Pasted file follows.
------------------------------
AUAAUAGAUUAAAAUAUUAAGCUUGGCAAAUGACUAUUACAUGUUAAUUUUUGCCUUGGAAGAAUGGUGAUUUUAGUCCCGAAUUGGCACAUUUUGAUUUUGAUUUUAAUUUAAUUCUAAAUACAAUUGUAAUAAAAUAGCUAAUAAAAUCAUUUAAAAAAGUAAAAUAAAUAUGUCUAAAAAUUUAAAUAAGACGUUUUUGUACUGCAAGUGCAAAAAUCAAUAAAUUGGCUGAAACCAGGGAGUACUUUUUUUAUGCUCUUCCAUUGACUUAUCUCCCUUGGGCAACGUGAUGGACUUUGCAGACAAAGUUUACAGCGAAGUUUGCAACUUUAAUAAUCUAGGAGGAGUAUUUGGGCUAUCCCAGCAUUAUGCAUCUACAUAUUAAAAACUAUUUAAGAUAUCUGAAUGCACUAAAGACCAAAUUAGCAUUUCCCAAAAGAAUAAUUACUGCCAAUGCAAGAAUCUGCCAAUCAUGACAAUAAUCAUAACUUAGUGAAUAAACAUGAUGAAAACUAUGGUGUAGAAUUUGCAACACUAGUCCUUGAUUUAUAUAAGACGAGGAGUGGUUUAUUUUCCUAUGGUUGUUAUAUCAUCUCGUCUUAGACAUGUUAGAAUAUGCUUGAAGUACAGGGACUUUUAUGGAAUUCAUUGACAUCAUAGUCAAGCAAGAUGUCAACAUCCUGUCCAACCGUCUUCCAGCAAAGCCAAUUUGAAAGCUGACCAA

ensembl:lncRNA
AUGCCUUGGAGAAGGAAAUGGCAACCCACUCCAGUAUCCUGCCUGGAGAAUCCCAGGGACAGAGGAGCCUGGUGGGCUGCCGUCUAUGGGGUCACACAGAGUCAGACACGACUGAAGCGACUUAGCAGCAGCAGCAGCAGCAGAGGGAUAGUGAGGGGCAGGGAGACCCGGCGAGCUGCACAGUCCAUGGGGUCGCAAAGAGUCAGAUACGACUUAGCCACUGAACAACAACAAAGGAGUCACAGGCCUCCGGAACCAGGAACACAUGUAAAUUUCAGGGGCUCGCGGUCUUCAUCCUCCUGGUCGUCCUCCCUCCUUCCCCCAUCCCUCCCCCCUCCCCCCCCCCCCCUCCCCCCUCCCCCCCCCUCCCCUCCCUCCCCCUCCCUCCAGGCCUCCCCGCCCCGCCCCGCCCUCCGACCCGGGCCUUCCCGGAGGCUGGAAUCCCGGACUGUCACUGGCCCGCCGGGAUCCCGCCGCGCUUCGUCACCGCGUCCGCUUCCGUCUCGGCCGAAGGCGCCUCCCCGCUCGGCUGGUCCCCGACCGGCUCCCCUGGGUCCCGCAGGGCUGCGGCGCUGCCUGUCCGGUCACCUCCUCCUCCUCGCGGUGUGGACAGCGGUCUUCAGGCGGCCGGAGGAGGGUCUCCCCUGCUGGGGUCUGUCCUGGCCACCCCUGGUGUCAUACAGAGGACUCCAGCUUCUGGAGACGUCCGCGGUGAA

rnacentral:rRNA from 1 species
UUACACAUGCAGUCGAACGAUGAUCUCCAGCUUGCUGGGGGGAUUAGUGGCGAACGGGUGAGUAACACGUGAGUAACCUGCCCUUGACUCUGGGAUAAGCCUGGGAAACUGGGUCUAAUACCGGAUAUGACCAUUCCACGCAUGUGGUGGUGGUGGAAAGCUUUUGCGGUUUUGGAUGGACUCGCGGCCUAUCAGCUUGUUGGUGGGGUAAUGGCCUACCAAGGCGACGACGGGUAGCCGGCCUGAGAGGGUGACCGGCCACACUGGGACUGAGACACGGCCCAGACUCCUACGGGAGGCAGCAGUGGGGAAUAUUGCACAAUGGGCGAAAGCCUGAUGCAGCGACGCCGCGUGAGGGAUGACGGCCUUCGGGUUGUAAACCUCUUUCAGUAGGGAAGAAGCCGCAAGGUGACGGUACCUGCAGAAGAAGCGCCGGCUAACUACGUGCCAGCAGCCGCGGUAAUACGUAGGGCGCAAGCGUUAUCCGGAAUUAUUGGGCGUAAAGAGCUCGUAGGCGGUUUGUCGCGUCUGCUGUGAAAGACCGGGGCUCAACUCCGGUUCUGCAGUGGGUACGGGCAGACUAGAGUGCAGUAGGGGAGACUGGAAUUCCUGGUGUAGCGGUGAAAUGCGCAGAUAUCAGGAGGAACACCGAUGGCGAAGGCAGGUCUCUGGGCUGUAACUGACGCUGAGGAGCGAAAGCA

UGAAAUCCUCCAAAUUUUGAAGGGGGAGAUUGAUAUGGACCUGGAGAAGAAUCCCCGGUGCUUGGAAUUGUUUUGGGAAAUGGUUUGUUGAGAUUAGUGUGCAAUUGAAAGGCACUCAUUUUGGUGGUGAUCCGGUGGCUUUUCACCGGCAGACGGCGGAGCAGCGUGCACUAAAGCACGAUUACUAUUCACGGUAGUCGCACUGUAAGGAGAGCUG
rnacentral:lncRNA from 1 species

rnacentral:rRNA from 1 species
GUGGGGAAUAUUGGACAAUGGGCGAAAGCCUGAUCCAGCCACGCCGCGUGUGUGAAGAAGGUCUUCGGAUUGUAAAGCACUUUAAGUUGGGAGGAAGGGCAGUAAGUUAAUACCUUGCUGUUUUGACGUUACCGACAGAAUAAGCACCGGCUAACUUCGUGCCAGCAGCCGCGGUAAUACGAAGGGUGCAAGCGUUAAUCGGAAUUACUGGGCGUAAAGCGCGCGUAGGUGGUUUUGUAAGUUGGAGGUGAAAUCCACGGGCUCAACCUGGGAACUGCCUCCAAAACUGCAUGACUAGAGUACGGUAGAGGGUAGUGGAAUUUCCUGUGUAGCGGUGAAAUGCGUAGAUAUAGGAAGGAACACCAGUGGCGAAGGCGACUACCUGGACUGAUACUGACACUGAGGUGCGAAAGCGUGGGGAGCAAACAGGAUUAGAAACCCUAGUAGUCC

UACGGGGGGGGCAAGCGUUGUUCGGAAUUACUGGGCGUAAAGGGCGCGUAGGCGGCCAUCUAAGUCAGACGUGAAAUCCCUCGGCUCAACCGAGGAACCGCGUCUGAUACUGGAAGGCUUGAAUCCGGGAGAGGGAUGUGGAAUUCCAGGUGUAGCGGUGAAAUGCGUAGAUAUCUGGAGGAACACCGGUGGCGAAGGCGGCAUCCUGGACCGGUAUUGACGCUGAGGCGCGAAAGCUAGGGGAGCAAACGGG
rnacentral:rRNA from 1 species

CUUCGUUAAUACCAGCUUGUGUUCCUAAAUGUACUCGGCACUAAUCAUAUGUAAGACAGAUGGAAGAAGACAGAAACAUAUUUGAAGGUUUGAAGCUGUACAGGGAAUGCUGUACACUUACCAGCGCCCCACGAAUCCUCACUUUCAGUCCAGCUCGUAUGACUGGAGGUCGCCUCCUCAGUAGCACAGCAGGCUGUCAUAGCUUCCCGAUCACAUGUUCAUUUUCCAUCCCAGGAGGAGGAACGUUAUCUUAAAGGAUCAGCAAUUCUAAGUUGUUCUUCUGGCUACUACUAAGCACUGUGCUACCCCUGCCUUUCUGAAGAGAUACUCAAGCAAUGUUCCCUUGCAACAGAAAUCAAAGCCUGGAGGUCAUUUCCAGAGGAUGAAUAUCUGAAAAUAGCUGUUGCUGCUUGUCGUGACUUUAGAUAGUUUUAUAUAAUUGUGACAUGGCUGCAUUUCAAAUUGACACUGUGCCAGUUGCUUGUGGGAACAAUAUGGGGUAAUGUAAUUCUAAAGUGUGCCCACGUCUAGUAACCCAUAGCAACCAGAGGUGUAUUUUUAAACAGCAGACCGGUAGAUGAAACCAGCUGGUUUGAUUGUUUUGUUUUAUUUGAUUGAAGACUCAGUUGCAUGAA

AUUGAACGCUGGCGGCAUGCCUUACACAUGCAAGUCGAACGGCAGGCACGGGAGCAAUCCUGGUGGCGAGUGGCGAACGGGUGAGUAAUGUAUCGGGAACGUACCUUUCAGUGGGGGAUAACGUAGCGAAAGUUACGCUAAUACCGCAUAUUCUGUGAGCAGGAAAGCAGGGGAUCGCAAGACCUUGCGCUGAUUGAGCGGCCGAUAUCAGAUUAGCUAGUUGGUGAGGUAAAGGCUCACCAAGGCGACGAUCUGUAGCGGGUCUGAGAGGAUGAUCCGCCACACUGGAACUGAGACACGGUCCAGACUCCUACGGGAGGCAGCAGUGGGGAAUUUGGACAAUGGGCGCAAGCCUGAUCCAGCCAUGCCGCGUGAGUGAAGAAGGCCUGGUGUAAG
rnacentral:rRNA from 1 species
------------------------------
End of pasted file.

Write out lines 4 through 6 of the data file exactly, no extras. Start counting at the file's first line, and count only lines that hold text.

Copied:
rnacentral:rRNA from 1 species
UUACACAUGCAGUCGAACGAUGAUCUCCAGCUUGCUGGGGGGAUUAGUGGCGAACGGGUGAGUAACACGUGAGUAACCUGCCCUUGACUCUGGGAUAAGCCUGGGAAACUGGGUCUAAUACCGGAUAUGACCAUUCCACGCAUGUGGUGGUGGUGGAAAGCUUUUGCGGUUUUGGAUGGACUCGCGGCCUAUCAGCUUGUUGGUGGGGUAAUGGCCUACCAAGGCGACGACGGGUAGCCGGCCUGAGAGGGUGACCGGCCACACUGGGACUGAGACACGGCCCAGACUCCUACGGGAGGCAGCAGUGGGGAAUAUUGCACAAUGGGCGAAAGCCUGAUGCAGCGACGCCGCGUGAGGGAUGACGGCCUUCGGGUUGUAAACCUCUUUCAGUAGGGAAGAAGCCGCAAGGUGACGGUACCUGCAGAAGAAGCGCCGGCUAACUACGUGCCAGCAGCCGCGGUAAUACGUAGGGCGCAAGCGUUAUCCGGAAUUAUUGGGCGUAAAGAGCUCGUAGGCGGUUUGUCGCGUCUGCUGUGAAAGACCGGGGCUCAACUCCGGUUCUGCAGUGGGUACGGGCAGACUAGAGUGCAGUAGGGGAGACUGGAAUUCCUGGUGUAGCGGUGAAAUGCGCAGAUAUCAGGAGGAACACCGAUGGCGAAGGCAGGUCUCUGGGCUGUAACUGACGCUGAGGAGCGAAAGCA

UGAAAUCCUCCAAAUUUUGAAGGGGGAGAUUGAUAUGGACCUGGAGAAGAAUCCCCGGUGCUUGGAAUUGUUUUGGGAAAUGGUUUGUUGAGAUUAGUGUGCAAUUGAAAGGCACUCAUUUUGGUGGUGAUCCGGUGGCUUUUCACCGGCAGACGGCGGAGCAGCGUGCACUAAAGCACGAUUACUAUUCACGGUAGUCGCACUGUAAGGAGAGCUG